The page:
DETAILS OF the administration's January budget proposals keep leaking out in a steady patter. No plumber is called. Could that be an oversight? Or is it a well-calculated decision to lessen the impact of releasing a budget whose most damaging leak is in its internal logic.

In theory an administration likes to keep details of its budget planning secret until the completed product is unveiled late in January. The secrecy is intended to prevent the coalescing of opposition to proposed changes and so to preserve a president's options. In the Reagan administration, however, the gradual release of painful details in advance of the full budget transmittal has become a familiar pattern. This year the leakage was unusually heavy.

About a month ago the Office of Management and Budget saw fit to share with congressional leaders and budget committee members a set of tables outlining budget-cutting targets for domestic programs. In this town, that is the functional equivalent of distributing them on streetcorners. Since then information has continued to seep out providing further details on Medicare payment freezes, cutbacks in veterans' health benefits, restrictions on aid for college students and so on.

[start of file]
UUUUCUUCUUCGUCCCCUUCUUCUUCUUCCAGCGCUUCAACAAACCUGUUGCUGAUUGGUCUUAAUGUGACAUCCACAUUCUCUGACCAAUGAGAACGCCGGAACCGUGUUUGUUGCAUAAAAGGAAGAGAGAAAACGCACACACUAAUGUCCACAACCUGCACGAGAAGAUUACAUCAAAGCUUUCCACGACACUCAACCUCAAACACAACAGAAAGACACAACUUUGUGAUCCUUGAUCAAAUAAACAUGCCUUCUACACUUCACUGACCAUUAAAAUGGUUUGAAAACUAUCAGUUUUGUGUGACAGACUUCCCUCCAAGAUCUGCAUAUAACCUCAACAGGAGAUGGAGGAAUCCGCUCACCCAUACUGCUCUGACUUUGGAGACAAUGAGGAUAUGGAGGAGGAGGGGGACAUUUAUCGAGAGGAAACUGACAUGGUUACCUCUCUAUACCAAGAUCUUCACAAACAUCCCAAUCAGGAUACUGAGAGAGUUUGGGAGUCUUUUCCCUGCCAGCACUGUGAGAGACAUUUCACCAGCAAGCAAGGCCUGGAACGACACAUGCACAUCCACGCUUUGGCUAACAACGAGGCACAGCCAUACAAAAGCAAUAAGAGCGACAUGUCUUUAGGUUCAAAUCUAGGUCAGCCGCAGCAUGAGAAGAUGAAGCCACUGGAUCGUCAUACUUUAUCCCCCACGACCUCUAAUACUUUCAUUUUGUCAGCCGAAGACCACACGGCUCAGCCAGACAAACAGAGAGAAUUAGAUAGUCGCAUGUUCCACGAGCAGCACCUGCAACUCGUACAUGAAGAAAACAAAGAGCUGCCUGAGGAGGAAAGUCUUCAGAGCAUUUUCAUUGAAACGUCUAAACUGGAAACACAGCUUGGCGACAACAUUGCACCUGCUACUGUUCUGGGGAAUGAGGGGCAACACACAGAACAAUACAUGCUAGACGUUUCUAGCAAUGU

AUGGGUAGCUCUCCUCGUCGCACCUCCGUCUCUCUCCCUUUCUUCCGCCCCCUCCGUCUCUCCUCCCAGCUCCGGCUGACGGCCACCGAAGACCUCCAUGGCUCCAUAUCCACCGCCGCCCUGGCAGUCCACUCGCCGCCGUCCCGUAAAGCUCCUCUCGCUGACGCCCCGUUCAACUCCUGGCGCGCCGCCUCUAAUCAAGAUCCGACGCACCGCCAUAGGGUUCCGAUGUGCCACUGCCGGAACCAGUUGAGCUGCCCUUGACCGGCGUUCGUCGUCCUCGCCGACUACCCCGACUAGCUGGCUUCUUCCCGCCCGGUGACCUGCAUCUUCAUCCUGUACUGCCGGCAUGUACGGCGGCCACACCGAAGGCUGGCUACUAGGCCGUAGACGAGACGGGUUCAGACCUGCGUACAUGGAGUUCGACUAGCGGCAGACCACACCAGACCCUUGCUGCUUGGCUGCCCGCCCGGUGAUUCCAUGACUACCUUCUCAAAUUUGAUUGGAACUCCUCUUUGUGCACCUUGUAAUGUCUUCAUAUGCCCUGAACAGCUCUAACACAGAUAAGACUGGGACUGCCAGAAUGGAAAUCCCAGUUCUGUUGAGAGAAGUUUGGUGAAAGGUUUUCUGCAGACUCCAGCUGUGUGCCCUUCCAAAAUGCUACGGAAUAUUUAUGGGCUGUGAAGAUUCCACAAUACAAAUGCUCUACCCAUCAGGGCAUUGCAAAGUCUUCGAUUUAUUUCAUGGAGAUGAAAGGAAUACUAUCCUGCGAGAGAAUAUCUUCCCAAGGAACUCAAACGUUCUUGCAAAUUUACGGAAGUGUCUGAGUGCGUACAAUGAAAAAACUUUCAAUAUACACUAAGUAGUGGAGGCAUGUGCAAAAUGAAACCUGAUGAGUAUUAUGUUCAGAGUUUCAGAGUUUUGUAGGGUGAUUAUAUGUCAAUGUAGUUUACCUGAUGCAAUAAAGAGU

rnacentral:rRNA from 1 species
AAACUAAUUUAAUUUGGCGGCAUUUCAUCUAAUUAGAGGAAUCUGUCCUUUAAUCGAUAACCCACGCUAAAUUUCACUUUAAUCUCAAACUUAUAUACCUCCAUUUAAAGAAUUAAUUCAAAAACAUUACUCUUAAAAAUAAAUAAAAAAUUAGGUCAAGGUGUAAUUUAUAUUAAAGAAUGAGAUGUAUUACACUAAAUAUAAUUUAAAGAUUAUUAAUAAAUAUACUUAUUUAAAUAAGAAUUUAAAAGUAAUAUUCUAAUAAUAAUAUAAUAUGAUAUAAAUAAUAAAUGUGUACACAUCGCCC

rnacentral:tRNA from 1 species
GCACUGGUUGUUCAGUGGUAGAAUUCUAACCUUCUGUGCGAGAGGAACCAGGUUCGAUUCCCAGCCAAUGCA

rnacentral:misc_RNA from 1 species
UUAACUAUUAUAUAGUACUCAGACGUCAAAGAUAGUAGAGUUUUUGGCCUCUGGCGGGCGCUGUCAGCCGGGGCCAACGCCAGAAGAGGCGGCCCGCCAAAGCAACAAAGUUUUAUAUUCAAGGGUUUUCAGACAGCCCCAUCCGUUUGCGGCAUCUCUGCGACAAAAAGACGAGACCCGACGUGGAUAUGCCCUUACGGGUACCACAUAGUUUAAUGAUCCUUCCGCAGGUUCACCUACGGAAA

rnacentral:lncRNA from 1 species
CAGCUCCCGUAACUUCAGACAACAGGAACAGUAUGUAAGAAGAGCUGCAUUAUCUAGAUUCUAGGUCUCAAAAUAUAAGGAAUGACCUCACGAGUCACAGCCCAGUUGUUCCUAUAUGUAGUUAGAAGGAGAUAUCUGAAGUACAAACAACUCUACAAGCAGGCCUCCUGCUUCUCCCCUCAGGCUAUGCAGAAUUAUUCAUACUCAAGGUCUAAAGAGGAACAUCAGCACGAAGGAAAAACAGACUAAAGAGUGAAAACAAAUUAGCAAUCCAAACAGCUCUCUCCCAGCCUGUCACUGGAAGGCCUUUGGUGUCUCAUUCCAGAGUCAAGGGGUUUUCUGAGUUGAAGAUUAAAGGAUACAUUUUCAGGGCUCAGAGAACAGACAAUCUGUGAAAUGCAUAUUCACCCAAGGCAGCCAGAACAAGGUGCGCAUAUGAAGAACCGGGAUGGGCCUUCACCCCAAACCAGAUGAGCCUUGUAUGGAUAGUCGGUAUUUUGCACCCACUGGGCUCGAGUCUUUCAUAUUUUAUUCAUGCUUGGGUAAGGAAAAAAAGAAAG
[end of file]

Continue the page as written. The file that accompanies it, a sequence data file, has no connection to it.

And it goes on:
One purpose of these leaks might be to soften up the opposition. By initially proposing to wipe out or sharply reduce such popular programs as the Job Corps or supplemental feeding programs for low- weight infants, the president can later appear reasonable when he compromises on less drastic cuts. And some cuts that might seem unthinkable to Congress when first proposed may ultimately gain at least partial acceptance simply because they have become a familiar part of everyone's thinking.

But the leak strategy could serve a more important purpose. That is, accustoming financial markets to the unpleasant likelihood that the administration has neither plan nor intent to do anything serious about the looming budget deficits. Perhaps that should have been apparent all along. But during the campaign there was a tendency in business and financial circles to assume that, once the election was out of the way, the president would face up to the fact that his defense and taxation policies are incompatible with moving toward budget solvency. So far that hasn't turned out to be the case.

Financial markets don't like surprises. If the administration maintained a cloak of secrecy over its budget development, financial analysts might conclude that something serious was going on. When the budget is finally unveiled, a sharp sense of disappointment might set off the modern-day equivalent of a panic. Now the markets will have time to adjust their thinking to the idea that, if anything much is going to be done about the budget, Congress will apparently have to do it. Whatever you think of the administration's policies, you can't fault its public relations.